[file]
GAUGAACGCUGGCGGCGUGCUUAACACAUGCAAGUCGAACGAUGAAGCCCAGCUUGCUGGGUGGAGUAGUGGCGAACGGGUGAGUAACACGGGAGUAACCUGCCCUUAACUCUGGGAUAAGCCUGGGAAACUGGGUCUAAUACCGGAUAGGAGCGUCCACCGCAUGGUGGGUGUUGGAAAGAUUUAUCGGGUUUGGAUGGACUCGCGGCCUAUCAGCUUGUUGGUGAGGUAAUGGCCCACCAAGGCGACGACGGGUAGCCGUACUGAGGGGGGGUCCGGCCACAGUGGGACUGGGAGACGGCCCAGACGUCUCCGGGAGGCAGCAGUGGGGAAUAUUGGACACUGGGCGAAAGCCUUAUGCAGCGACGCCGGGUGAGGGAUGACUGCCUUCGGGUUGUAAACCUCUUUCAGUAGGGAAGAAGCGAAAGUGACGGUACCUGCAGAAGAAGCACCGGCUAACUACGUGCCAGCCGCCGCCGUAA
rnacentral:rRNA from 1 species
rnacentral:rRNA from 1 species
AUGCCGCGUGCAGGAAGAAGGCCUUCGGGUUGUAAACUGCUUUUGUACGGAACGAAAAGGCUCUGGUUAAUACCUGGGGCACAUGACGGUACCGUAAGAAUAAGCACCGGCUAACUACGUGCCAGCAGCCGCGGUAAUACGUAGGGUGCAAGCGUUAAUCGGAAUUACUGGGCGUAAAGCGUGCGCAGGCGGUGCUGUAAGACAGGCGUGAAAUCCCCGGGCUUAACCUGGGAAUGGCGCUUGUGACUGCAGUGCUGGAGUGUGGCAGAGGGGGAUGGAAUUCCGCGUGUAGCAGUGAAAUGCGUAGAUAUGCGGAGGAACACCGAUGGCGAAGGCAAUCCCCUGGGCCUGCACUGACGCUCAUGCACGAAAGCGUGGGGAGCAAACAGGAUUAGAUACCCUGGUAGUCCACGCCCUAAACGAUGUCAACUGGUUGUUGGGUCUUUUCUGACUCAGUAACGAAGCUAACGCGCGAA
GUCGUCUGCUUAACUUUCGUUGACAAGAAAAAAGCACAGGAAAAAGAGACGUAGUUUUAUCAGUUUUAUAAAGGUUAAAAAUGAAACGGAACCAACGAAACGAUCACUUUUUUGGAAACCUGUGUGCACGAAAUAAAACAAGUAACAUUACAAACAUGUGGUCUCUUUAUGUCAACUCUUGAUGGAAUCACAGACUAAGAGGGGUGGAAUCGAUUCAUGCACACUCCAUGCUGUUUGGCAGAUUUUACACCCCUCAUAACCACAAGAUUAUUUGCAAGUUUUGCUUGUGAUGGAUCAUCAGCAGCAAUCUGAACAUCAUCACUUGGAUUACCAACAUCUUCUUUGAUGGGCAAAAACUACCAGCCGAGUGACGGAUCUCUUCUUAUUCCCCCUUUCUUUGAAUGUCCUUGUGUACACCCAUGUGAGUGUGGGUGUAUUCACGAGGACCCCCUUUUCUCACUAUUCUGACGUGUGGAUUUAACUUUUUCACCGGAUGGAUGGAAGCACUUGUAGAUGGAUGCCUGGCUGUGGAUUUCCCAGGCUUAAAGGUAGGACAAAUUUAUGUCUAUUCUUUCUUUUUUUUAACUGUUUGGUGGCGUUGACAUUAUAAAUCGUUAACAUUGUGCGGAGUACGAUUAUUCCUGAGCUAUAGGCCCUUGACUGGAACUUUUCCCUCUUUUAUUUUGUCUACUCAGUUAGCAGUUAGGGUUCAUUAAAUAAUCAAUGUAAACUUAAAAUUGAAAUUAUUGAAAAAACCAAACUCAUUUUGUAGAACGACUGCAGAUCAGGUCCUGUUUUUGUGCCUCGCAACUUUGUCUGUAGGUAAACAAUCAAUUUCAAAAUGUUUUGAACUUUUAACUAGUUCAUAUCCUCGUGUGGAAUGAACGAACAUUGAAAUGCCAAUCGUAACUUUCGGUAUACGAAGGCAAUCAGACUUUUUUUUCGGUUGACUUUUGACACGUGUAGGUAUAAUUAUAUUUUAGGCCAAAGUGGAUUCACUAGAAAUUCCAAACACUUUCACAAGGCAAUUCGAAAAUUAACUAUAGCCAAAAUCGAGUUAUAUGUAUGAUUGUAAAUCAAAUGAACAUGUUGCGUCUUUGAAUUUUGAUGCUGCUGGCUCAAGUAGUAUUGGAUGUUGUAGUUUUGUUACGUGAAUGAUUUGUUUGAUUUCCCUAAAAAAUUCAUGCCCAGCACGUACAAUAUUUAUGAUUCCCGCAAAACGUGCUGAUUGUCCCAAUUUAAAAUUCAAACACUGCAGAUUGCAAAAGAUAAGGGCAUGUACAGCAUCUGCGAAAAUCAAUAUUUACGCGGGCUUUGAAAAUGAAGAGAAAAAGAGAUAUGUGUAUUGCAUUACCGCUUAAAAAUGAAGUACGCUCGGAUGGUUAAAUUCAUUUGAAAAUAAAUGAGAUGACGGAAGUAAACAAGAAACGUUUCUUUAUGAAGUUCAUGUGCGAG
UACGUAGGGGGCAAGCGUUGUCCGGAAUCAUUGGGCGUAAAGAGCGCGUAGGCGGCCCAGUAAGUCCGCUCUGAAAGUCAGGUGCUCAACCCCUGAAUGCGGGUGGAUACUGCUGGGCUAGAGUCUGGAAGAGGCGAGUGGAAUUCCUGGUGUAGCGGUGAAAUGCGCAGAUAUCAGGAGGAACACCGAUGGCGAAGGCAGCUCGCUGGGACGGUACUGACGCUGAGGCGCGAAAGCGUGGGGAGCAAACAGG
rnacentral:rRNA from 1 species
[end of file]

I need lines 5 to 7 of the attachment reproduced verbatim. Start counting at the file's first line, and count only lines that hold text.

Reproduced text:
GUCGUCUGCUUAACUUUCGUUGACAAGAAAAAAGCACAGGAAAAAGAGACGUAGUUUUAUCAGUUUUAUAAAGGUUAAAAAUGAAACGGAACCAACGAAACGAUCACUUUUUUGGAAACCUGUGUGCACGAAAUAAAACAAGUAACAUUACAAACAUGUGGUCUCUUUAUGUCAACUCUUGAUGGAAUCACAGACUAAGAGGGGUGGAAUCGAUUCAUGCACACUCCAUGCUGUUUGGCAGAUUUUACACCCCUCAUAACCACAAGAUUAUUUGCAAGUUUUGCUUGUGAUGGAUCAUCAGCAGCAAUCUGAACAUCAUCACUUGGAUUACCAACAUCUUCUUUGAUGGGCAAAAACUACCAGCCGAGUGACGGAUCUCUUCUUAUUCCCCCUUUCUUUGAAUGUCCUUGUGUACACCCAUGUGAGUGUGGGUGUAUUCACGAGGACCCCCUUUUCUCACUAUUCUGACGUGUGGAUUUAACUUUUUCACCGGAUGGAUGGAAGCACUUGUAGAUGGAUGCCUGGCUGUGGAUUUCCCAGGCUUAAAGGUAGGACAAAUUUAUGUCUAUUCUUUCUUUUUUUUAACUGUUUGGUGGCGUUGACAUUAUAAAUCGUUAACAUUGUGCGGAGUACGAUUAUUCCUGAGCUAUAGGCCCUUGACUGGAACUUUUCCCUCUUUUAUUUUGUCUACUCAGUUAGCAGUUAGGGUUCAUUAAAUAAUCAAUGUAAACUUAAAAUUGAAAUUAUUGAAAAAACCAAACUCAUUUUGUAGAACGACUGCAGAUCAGGUCCUGUUUUUGUGCCUCGCAACUUUGUCUGUAGGUAAACAAUCAAUUUCAAAAUGUUUUGAACUUUUAACUAGUUCAUAUCCUCGUGUGGAAUGAACGAACAUUGAAAUGCCAAUCGUAACUUUCGGUAUACGAAGGCAAUCAGACUUUUUUUUCGGUUGACUUUUGACACGUGUAGGUAUAAUUAUAUUUUAGGCCAAAGUGGAUUCACUAGAAAUUCCAAACACUUUCACAAGGCAAUUCGAAAAUUAACUAUAGCCAAAAUCGAGUUAUAUGUAUGAUUGUAAAUCAAAUGAACAUGUUGCGUCUUUGAAUUUUGAUGCUGCUGGCUCAAGUAGUAUUGGAUGUUGUAGUUUUGUUACGUGAAUGAUUUGUUUGAUUUCCCUAAAAAAUUCAUGCCCAGCACGUACAAUAUUUAUGAUUCCCGCAAAACGUGCUGAUUGUCCCAAUUUAAAAUUCAAACACUGCAGAUUGCAAAAGAUAAGGGCAUGUACAGCAUCUGCGAAAAUCAAUAUUUACGCGGGCUUUGAAAAUGAAGAGAAAAAGAGAUAUGUGUAUUGCAUUACCGCUUAAAAAUGAAGUACGCUCGGAUGGUUAAAUUCAUUUGAAAAUAAAUGAGAUGACGGAAGUAAACAAGAAACGUUUCUUUAUGAAGUUCAUGUGCGAG
UACGUAGGGGGCAAGCGUUGUCCGGAAUCAUUGGGCGUAAAGAGCGCGUAGGCGGCCCAGUAAGUCCGCUCUGAAAGUCAGGUGCUCAACCCCUGAAUGCGGGUGGAUACUGCUGGGCUAGAGUCUGGAAGAGGCGAGUGGAAUUCCUGGUGUAGCGGUGAAAUGCGCAGAUAUCAGGAGGAACACCGAUGGCGAAGGCAGCUCGCUGGGACGGUACUGACGCUGAGGCGCGAAAGCGUGGGGAGCAAACAGG
rnacentral:rRNA from 1 species